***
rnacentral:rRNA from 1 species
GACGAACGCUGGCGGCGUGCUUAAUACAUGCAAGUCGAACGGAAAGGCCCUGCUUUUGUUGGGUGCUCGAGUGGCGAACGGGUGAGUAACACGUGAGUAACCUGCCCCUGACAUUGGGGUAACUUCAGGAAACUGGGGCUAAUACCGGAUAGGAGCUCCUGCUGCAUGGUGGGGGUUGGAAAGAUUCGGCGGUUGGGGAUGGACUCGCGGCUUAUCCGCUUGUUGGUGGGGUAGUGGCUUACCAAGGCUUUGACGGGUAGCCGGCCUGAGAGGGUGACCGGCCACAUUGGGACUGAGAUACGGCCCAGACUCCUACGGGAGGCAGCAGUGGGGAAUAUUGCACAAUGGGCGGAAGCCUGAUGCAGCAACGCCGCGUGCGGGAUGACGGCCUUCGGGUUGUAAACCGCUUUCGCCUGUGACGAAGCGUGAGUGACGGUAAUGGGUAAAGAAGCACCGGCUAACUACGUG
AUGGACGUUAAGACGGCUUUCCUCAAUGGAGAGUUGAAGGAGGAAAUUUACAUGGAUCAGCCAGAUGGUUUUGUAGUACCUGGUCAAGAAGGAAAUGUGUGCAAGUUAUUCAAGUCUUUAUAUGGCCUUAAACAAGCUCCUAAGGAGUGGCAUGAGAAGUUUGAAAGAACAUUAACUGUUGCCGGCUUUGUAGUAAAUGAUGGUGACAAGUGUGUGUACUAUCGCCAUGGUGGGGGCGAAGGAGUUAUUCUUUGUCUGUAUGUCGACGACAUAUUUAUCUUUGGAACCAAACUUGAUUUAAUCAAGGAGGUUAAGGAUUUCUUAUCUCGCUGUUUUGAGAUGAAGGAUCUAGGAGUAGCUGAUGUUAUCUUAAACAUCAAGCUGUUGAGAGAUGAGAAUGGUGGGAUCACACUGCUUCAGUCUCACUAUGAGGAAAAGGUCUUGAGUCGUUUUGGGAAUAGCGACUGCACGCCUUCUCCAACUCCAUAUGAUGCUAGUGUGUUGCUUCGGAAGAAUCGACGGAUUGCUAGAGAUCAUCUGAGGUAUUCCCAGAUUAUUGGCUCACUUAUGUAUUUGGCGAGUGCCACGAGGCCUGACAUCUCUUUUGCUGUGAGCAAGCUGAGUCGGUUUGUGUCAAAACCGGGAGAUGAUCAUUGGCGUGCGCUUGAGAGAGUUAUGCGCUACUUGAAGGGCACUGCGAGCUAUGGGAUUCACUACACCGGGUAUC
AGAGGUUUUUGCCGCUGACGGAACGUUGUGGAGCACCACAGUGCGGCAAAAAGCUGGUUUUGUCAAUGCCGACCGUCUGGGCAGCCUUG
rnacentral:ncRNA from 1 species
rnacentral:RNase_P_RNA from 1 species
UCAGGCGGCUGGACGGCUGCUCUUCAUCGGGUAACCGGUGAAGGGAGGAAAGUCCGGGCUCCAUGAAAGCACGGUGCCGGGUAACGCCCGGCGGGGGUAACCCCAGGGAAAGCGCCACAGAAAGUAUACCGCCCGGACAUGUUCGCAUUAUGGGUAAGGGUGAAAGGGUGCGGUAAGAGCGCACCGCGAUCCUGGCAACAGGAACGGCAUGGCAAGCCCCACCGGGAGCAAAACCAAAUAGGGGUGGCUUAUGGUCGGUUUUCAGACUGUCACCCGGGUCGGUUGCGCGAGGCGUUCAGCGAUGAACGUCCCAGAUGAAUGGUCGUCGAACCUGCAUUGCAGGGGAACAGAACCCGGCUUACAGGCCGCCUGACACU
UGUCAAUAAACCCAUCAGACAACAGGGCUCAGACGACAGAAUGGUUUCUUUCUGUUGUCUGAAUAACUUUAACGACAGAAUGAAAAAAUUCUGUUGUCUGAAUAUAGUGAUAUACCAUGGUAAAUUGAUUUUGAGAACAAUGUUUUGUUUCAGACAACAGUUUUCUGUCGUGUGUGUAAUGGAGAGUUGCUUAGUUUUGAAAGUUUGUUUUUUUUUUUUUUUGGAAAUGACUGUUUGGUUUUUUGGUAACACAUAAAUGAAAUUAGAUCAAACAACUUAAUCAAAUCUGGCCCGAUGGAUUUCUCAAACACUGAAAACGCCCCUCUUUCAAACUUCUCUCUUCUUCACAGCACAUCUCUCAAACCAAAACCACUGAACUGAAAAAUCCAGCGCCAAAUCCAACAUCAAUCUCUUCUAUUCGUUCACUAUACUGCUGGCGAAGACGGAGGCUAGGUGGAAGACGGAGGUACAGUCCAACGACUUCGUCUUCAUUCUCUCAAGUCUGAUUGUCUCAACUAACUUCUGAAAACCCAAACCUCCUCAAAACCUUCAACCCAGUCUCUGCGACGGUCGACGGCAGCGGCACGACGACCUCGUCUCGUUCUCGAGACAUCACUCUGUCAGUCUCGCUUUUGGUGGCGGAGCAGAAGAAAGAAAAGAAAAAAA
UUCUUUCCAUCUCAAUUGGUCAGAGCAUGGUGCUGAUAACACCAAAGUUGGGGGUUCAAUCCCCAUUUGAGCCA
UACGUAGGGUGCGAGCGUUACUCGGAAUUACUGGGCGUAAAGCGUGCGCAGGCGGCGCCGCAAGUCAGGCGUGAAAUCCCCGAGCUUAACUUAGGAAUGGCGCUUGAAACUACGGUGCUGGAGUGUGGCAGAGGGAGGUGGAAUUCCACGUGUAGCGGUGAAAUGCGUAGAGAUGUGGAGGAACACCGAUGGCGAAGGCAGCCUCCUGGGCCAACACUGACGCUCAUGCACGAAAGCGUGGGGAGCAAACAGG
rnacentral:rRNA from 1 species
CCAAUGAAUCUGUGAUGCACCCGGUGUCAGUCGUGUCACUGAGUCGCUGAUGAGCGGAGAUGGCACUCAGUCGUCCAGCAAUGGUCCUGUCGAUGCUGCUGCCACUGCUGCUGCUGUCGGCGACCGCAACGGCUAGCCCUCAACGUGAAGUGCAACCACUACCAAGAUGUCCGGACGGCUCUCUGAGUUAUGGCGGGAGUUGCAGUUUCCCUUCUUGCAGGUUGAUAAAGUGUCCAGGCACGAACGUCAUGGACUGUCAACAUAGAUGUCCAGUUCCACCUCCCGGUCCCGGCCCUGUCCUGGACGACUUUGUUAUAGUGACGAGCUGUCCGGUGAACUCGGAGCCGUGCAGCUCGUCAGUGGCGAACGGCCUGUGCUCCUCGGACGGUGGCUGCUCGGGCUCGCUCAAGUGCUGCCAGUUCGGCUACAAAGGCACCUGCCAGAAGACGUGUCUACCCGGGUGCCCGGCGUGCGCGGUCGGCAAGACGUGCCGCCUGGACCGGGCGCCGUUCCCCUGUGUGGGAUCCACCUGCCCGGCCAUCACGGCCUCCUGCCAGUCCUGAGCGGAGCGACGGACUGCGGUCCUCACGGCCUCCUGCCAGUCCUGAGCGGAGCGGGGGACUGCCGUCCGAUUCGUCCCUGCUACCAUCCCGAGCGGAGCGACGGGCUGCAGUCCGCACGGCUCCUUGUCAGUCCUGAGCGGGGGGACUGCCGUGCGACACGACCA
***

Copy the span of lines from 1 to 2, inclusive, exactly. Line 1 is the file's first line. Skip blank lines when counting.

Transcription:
rnacentral:rRNA from 1 species
GACGAACGCUGGCGGCGUGCUUAAUACAUGCAAGUCGAACGGAAAGGCCCUGCUUUUGUUGGGUGCUCGAGUGGCGAACGGGUGAGUAACACGUGAGUAACCUGCCCCUGACAUUGGGGUAACUUCAGGAAACUGGGGCUAAUACCGGAUAGGAGCUCCUGCUGCAUGGUGGGGGUUGGAAAGAUUCGGCGGUUGGGGAUGGACUCGCGGCUUAUCCGCUUGUUGGUGGGGUAGUGGCUUACCAAGGCUUUGACGGGUAGCCGGCCUGAGAGGGUGACCGGCCACAUUGGGACUGAGAUACGGCCCAGACUCCUACGGGAGGCAGCAGUGGGGAAUAUUGCACAAUGGGCGGAAGCCUGAUGCAGCAACGCCGCGUGCGGGAUGACGGCCUUCGGGUUGUAAACCGCUUUCGCCUGUGACGAAGCGUGAGUGACGGUAAUGGGUAAAGAAGCACCGGCUAACUACGUG